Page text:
The most entertaining studio presentation did not come from Disney, where executives possibly felt it would be impolitic to fly in battalions of A-listers after they recently laid off a swath of senior Fox executives following the $71.3bn acquisition. Disney showed some extraordinary work on The Lion King, but it was Warner Bros, Paramount, Universal and Lionsgate who put the broadest smiles on faces. They paraded the likes of Dwayne Johnson, Tiffany Haddish, Charlize Theron, Arnold Schwarzenegger, Seth Rogen, Jessica Chastain, Kevin Hart, Octavia Spencer, La Mirren, and Jennifer Hudson. Star power is on the decline in the eyes of audiences, but as far as the theatre owners who gathered each day in the Colosseum are concerned, they still make for an unbeatable two-hour presentation.

Disney could cross $10bn at the global box office this year

Total North American box office in 2018 reached $11.6bn, This year, films released by Disney alone could generate $10bn. It’s never been done before, but then again, no studio has ever had a slate like this: Avengers: Endgame, Star Wars: Episode IX, Toy Story 4, The Lion King, Frozen 2, Maleficent: Mistress Of Evil, and Captain Marvel (already on $1bn-plus worldwide). Who knows – even Aladdin could take off (unlike Dumbo), while Fox import and X-Men spin-off Dark Phoenix could help, too. Once Disney and Fox crack the code on how to get their superheroes to play nicely together, and Fox tentpoles like Avatar 2 are ready to rock and roll, it is hard to see anybody beating Disney for years.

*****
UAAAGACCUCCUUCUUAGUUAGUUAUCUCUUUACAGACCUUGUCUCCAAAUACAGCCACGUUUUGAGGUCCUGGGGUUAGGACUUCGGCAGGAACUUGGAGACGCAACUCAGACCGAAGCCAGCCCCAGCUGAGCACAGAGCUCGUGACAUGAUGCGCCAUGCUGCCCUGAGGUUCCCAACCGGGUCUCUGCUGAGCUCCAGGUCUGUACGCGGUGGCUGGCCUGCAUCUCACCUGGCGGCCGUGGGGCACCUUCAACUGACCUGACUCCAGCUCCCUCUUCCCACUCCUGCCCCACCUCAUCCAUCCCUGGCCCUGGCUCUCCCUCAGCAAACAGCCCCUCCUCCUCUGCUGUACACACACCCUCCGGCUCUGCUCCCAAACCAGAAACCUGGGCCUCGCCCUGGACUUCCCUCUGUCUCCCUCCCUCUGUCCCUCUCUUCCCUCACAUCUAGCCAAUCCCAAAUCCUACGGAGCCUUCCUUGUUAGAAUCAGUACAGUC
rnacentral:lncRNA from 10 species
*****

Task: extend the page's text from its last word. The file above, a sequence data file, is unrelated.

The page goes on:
Paramount Pictures is (not so) quietly building back up

Led by wise steward Jim Gianopulos, aligned more closely with the various units and brands under the Viacom stable (Nickelodeon, Paramount Players to name two) and benefitting from the decision by David Ellison’s Skydance Media two years ago to renew the co-fi partnership, Paramount is assembling quite the pipeline. Terminator: Dark Fate, Top Gun: Maverick, the Coming To America and A Quiet Place sequels, a G.I. Joe reboot, a new Spongebob Squarepants animation, several Hasbro properties, and one-offs that could score like Rocketman, Ang Lee’s Gemini Man, and female-led spy thriller The Rhythm Section, point to an invigorated environment at the studio.

Music rocks

In the wake of Bohemian Rhapsody’s four Oscars, Hollywood can’t get enough of a song and dance. Of course these things are cyclical and happen to be coalescing at this point in time, but if an upcoming release has music in it, it has buzz. There’s Paramount’s Rocketman, which looked good from the footage and could land an out of competition slot in Cannes. Tom Hooper and his cast are working away on Universal’s Cats adaptation, which executives hope will be on song when the year-end holiday season comes around. Director Danny Boyle introduced footage from Working Title’s upcoming Tribeca Film Festival closing night world premiere Yesterday and treated the audience to a live rendition of the title song by the film’s star, relative unknown Himesh Patel. Warner Bros and New Line screened Gurinder Chadha’s love letter to family and Bruce Springsteen, Blinded By The Light. STX made much of its first animation, the upcoming UglyDolls featuring Kelly Clarkson, who belted out a number. And Jennifer Hudson mesmerised the crowd when she sang ‘Memory’ from Cats. All that was missing was a Broadway standard from Hugh Jackman.